Photo: The Gina Krog field. Source: Equinor/Credit: Ole Jørgen Bratland

Offshore workers’ strike to hit production on six Norwegian fields

Strike action by Norwegian offshore oil and gas workers will affect production on six fields in the North Sea offshore Norway.

Notice given by the Lederne union on extending its offshore walkout will hit production from the Gjøa platform in the North Sea and its Vega satellite, according to Norsk olje og gass, an employers’ organisation in Norway.

Kvitebjørn, Gina Krog, Gudrun, and Valemon fields will also be affected.

Lederne broke off mediation efforts on the morning of 30 September, with 43 of its members on Johan Sverdrup consequently downing tools.

Production from this North Sea field is continuing as normal for the present.

As early as the afternoon of the same day, the union announced that it would step up strike action from midnight on 4 October by taking out 18 members on each of three Equinoir’s fields – Gudrun, Gina Krog, and Kvitebjørn – and 72 members on Neptune Energy’s Gjøa platform.

As things look now, Kvitebjørn and its Valemon satellite, as well as Gudrun and Gina Krog, will have to shut down, the employers’ organization said.

Neptune’s Gjøa field will have to shut down as a result of the walkout. The same applies to its Vega satellite, which is operated by Wintershall Dea Norge.

These fields collectively produce 330 000 barrels of oil equivalent per day (boed). Total oil and gas output from the Norwegian continental shelf (NCS) is about four million boed. The risk, therefore, exists that about eight per cent of total petroleum production from the NCS could be lost through extending the strike.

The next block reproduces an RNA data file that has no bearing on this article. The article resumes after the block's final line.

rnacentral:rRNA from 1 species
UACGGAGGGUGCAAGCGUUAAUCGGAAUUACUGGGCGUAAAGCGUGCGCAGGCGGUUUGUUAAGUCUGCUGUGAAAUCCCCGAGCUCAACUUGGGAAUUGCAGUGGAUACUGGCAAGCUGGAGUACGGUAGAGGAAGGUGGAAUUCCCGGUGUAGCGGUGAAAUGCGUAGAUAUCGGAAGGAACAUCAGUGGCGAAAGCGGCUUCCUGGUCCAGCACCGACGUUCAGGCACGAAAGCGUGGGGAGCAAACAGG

A financial offer was made to all three unions, Industri Energi, Safe, and Lederne. The first two, representing 85 per cent of the offshore workforce, accepted the offer while Lederne rejected it.

Jan Hodneland, chief negotiator at Norsk olje og gass, said: “The smallest union, Lederne, rejected the offer and opted to strike. It has also demanded that the area covered by the collective pay settlement is expanded – which falls outside the scope of the negotiation over the offshore agreements”.

Under the settlement, offshore workers are set to receive an overall pay rise of NOK 4 700 and an increase of NOK 3.50 per hour in the shift and night-work supplement, to NOK 80 per hour.

The workers are also set to receive a rise in the conference supplement to NOK 100, and an increase in the allowance for working on public holidays from NOK 2 025 to NOK 2 060 per day.

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